WASHINGTON (November 2, 2012)—Gabriel Jaramillo, General Manager of Global Fund to Fight AIDS, Tuberculosis and Malaria (GFATM), indicated that he is embracing changes urged by AIDS advocates regarding the direction of specific elements of the Fund’s AIDS programs in several countries. In September, groups working through the Fund’s Developing Country NGO Delegation formally submitted issues, concerns questions and comments about the Fund’s operations following Jaramillo’s September report to the Fund’s Board. In a five page letter dated October 29th addressed to Dr. Cheick Tidiane Tall, Coordinator of AfriCASO, an African network of AIDS service organizations based in Senegal, Jaramillo responded, addressing ten specific questions or comments, including questions on the reprogramming of funds, transparency issues in Nigeria and drug stock outs in Guatemala.
In one response on a question of transparency, which had been raised in part by AIDS advocates following questions impropriety in the use of grant money in Nigeria and an overall lack of transparency in that country’s handling of the funds, Jaramillo wrote, “Beyond Nigeria, systemic improvements being developed through the Better Grants project will create clearer linkages between funding, activities and results within each Service Delivery Area to ensure greater transparency in the use of resources across all grants.”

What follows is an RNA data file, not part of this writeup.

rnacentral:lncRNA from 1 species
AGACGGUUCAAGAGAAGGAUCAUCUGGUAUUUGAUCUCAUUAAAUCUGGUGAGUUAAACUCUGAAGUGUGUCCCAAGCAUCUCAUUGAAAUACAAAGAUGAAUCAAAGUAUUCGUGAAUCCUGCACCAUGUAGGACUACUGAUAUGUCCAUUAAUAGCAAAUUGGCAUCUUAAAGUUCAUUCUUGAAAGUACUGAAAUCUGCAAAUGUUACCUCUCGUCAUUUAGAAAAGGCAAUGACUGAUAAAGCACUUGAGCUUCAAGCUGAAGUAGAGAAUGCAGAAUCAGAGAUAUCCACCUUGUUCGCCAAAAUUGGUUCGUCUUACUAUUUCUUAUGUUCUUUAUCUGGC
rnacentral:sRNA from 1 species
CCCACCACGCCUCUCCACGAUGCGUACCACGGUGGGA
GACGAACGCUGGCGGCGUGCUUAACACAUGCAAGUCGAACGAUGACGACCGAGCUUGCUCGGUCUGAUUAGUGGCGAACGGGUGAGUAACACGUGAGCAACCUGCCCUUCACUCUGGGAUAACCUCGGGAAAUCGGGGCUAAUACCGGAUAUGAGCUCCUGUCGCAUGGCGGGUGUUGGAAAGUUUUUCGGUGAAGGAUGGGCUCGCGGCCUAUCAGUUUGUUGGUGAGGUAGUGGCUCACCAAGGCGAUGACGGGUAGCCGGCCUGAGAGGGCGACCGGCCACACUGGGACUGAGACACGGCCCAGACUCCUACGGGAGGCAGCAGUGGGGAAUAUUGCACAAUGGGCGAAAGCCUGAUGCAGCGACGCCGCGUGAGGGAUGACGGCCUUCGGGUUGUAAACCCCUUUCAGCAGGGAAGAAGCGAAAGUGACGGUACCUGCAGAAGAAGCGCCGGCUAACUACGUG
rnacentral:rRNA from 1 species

“On the whole, these responses from Gabriel Jaramillo to our and other advocates’ concerns are thoughtful and indicate to many of us that both he and the Fund are more willing to embrace changes that AIDS advocates on the ground and in-country are offering,” said Dr. Jorge Saavedra, former Head of the Mexican National AIDS Program (CENSIDA) and current Global Ambassador for AHF. “There are 34 million people worldwide living with HIV/AIDS today, yet less than 7 million have access to lifesaving antiretroviral treatment. This means that we are only covering 19% of the population with lifesaving HIV medications. It is imperative that we leverage all resources, such as the Global Fund’s lifesaving grants and programs, in the most efficient manner possible to save as many lives as possible.”
“Over 150 developing countries have received help from the Global Fund in order to fight this epidemic,” said Michael Weinstein, President of AIDS Healthcare Foundation. “Keeping the Fund going in its lifesaving mission, particularly during these turbulent times for the Fund and the world economy, is crucial. We are heartened with Jaramillo’s responses to the issues raised and optimistic that real reform may be put in place.”
The Global Fund is an international organization set up to provide funding to poorer countries that do not have the financial or political ability to combat diseases such as AIDS and malaria. The $21.7 billion Fund relies on the donations of many developed countries, such as the United States, United Kingdom, France, Japan and Spain for the money to fund these services. The United States is by far the largest contributor to the Fund.